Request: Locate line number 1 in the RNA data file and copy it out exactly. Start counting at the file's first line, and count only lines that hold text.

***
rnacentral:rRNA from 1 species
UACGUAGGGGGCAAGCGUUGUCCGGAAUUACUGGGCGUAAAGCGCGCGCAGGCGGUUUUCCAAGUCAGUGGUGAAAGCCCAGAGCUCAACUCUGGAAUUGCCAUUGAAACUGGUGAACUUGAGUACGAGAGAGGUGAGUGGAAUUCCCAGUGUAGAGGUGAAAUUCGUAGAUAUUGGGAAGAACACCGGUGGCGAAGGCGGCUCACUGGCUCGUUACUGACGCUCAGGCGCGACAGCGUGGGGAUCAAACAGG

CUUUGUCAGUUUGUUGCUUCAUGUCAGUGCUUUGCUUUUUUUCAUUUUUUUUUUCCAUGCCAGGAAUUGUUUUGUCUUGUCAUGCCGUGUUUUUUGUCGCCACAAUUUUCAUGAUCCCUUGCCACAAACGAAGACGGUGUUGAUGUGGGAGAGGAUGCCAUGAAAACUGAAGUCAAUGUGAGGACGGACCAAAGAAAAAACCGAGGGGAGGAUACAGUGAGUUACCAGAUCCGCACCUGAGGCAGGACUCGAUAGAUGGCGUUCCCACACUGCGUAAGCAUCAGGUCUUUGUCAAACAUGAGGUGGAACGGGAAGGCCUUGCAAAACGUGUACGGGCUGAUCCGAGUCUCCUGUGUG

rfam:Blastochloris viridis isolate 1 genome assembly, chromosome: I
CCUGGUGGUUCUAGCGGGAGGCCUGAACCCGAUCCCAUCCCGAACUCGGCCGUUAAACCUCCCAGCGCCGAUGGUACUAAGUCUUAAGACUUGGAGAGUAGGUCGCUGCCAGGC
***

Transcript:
rnacentral:rRNA from 1 species